CRISPR Cas13 system offers powerful antiviral protection & Detection of RNA Viruses
A recent study conducted by researchers at the Broad Institute of MIT & Harvard demonstrates that the Cas13 system, a class 2 CRISPR system, can actually be used as an antiviral system in cultured human cells. The study, published in Molecular Cell on October 10, suggests that the RNA-cutting enzyme can actually be programmed to detect and to destroy the RNA-based viruses.
The scientists believed that CRISPR effectors could be repurposed to help in defending human cells against both DNA & RNA viruses. Previous research studies have shown that cas13 of CRISPR possesses the ability to efficiently target and to cleave the RNA in several model systems, including the human cells. Moreover, Cas13 system orthologs have minimal off-target effects on the host transcriptome in the mammalian cells. Scientists investigated the utility of the Cas13 system for targeting human single-stranded RNA viruses computationally & then tested the CRISPR Cas13 system’s ability to inhibit the viral replication.
The need for new antiviral approaches is very urgent. And while over 90 anti-viral drugs have been approved and these treat a mere 9 diseases. Only 16 viruses have FDA-approved vaccines. And combined with the fact that viral pathogens evolve very rapidly and it gains resistance easily, concerns the scientific community.
To address this concern, the scientists developed an end-to-end technology platform called the Cas-13-assisted restriction of viral expression & readout (CARVER) which combines Cas13-mediated cleavage of viral ssRNA with rapid Cas13-based diagnostic readout using the specific high-sensitivity enzymatic reporter unlocking i.e, the SHERLOCK platform.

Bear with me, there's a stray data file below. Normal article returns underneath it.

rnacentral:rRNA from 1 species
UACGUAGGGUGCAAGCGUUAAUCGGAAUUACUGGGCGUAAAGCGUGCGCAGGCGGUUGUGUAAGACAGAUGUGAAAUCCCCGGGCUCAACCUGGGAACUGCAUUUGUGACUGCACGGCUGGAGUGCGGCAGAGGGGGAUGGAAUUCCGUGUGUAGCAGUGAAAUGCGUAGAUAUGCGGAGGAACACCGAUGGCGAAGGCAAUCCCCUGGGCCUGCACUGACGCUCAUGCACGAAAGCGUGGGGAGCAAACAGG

Pardis Sabeti, the senior author of the study and an institute member at the Broad Institute and professor at Harvard University said the human viral pathogens are extremely diverse & they are constantly adapting to their own environment, even within a single species of virus, which underscores both the challenges & needs for flexible antiviral platforms. He added that their work establishes CARVER as a powerful and also rapidly programmable diagnostic & antiviral technology for a wide variety of viruses.
First, the research team screened a suite of RNA-based viruses in search of viral RNA sequences that Cas-13 could efficiently target. Researchers primarily looked for pieces that are both least likely to mutate & most likely, when cut, to disable an RNA virus. Then the team computationally analyzed sequencing data to identify thousands of potential sites, in hundreds of viral species which could serve as an effective target for Cas13. Next, the team engineered the Cas13 guide RNA for the system.
The newly programmed Cas13 was experimentally tested in human cells infected with lymphocytic choriomeningitis virus; influenza A virus; and vesicular stomatitis virus. 24 hours after the Cas13 system was introduced into the sample, the researchers observed up to a 40-fold reduction in the level of viral RNA in the culture.
Scientists performed LCMV cell culture experiments, which provided a strict test of Cas13’s ability to inhibit viral RNA. These data indicated that 8 hours after viral exposure, the Cas13 system had reduced the infectivity of the flu virus by more than three hundred-fold. Lastly, the research team used SHERLOCK detection technology to measure viral RNA levels following Cas13 targeting in real-time. The detection system provided rapid feedback about the effectiveness of treatment and also information about specific viral mutations.
Catherine Freije who is a graduate student at Harvard University said that Cas13could be used as a research tool for exploring many aspects of viral biology in human cells. Freije added that this could also potentially be a clinical tool, where CRISPR CAS13 systems could be used to diagnose samples as well as to treat a viral infection, & also to measure the effectiveness of the treatment, all with the ability to adapt CARVER quickly to deal with new or drug-resistant viruses as they emerge.